Tuesday, December 5, 2017

Whatever VNF manager you choose, Radiator VNF is ready for it

Interoperability and flexibility have been Radiator key features for over 20 years. When designing new Radiator VNF, these key features guided our design and implementation. Radiator VNF is designed to operate on multiple virtualisation platforms under its own, generic, or 3rd party orchestration.

Recently we have verified our design by integrating Radiator VNF with a 3rd party VNF manager just in few weeks – together with our operator customer and 3rd party vendor.

Designed for quick and flexible integration


At the very beginning of designing Radiator VNF, it was clear that we could not rely on one orchestration solution alone. Even on telco cloud there were already a multiple options for generic or 3rd party VNF manager and our vision was to be able to run Radiator VNF on top of other cloud infrastructures (Amazon, Google Cloud, etc.) as well. This lead to our decision to separate configuration management from orchestration solution.

Our own proof-of-concept orchestration solution, Radiator VNF Manager, is developed on top of Juju. Juju is also used in ETSI’s Open Source Mano reference orchestration solution. Radiator VNF Manager manages Radiator VNF when there is not a general or 3rd party orchestration solution available. We recommend that Radiator VNF is integrated with customer’s existing orchestration solution. As Radiator VNF is being deployed, we add support for more orchestration solutions according to customer needs. Our point of view is that while having several vendor-specific VNF managers is not a scalable way to orchestrate VNFs, a single well-chosen generic VNF manager is.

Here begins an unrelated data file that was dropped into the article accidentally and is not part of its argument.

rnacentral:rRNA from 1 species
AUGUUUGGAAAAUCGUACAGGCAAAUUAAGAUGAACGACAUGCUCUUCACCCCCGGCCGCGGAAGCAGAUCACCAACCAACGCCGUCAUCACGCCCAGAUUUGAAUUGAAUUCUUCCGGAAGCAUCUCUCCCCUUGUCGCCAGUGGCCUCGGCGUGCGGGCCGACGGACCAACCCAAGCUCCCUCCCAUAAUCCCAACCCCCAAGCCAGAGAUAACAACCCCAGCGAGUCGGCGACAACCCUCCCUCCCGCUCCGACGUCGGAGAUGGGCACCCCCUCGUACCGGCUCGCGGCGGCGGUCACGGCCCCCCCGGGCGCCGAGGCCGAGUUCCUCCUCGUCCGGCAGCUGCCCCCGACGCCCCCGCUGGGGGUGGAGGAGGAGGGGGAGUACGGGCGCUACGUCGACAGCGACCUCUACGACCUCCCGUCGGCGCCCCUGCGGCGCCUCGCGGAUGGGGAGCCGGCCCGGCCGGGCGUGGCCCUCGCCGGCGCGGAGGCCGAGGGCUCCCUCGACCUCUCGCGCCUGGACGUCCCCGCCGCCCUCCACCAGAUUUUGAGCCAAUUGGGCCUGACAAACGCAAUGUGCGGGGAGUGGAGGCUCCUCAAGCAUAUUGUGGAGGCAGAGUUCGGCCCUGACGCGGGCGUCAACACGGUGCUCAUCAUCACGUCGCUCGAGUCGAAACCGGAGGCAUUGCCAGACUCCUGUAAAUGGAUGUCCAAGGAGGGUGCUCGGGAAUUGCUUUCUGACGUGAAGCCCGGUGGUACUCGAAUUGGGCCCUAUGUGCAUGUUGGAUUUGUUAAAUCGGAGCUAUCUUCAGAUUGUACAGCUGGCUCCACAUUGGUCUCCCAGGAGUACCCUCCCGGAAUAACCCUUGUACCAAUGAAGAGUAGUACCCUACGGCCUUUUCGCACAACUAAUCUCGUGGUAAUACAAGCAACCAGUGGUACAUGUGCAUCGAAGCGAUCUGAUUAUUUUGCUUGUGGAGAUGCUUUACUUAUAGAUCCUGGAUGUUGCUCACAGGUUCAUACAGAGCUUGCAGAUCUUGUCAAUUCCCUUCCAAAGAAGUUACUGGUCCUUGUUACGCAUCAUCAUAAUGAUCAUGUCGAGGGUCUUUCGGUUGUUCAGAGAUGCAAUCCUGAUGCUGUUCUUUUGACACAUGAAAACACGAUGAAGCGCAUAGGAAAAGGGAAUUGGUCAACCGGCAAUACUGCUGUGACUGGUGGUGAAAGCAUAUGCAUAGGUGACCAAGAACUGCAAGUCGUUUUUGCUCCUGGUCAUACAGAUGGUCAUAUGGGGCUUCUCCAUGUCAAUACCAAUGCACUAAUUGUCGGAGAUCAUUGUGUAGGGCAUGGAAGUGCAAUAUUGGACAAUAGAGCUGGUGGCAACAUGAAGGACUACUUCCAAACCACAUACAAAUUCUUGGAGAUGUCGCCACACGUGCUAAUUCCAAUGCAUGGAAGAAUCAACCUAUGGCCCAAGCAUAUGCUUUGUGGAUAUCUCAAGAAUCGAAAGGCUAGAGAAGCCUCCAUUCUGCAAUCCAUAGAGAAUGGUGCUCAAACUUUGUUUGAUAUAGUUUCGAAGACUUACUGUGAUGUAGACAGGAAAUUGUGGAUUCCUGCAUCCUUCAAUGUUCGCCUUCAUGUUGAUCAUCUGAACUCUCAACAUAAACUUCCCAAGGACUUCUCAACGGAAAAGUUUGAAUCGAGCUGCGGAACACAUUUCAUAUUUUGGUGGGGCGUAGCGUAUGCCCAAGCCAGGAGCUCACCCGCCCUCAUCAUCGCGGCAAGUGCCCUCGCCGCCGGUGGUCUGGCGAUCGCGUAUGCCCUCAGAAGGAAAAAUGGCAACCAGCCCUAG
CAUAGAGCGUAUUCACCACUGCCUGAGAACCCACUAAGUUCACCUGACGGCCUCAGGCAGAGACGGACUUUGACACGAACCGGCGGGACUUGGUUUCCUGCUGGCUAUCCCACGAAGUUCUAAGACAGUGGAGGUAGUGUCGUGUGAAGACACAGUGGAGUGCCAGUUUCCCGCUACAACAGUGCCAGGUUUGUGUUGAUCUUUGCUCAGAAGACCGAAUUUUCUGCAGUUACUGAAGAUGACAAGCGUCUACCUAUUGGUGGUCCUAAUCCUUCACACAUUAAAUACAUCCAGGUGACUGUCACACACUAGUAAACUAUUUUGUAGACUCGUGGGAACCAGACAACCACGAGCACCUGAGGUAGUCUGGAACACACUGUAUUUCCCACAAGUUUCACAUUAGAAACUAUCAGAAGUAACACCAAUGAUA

In the operator case, the operator chose a 3rd party VNF manager of a major infrastructure vendor, which made the case interesting for us to ensure Radiator VNF was able to integrate with this solution. Because of the Radiator VNF and Radiator VNF Manager architecture we were able to replace Juju with Heat- and Ansible based-vendor VNF manager. This image shows the architecture with Juju.



All we had to do was to ensure that vendor VNF manager managed properly creating and deleting the virtual hosts, and that its configuration management tool Ansible was able to bootstrap the configuration process on each host. The result was successful integration of Radiator VNF with vendor VNF manager within just few weeks. The following image shows the new architecture. This process can be repeated with other VNF managers and cloud infrastructures in the future.




However, technology is only one part of the process. In order to succeed with VNF manager integration, cooperation between the operator and vendors is crucial. In this example case, the operator participated in the integration testing and was able to help us to get into contact with the vendor to get the VNF manager specifications. This kind of cooperation is essential when developing interoperable products and services for NFV infrastructure. We thank all participants for cooperation in this case.

Would you like to know more?


We are happy to tell more about our way of implementing VNF projects and also about integrating Radiator VNF to your telco environment – also with 3rd party VNF managers and infrastructure.

If you would like to know, please contact info@radiatorsoftware.com.

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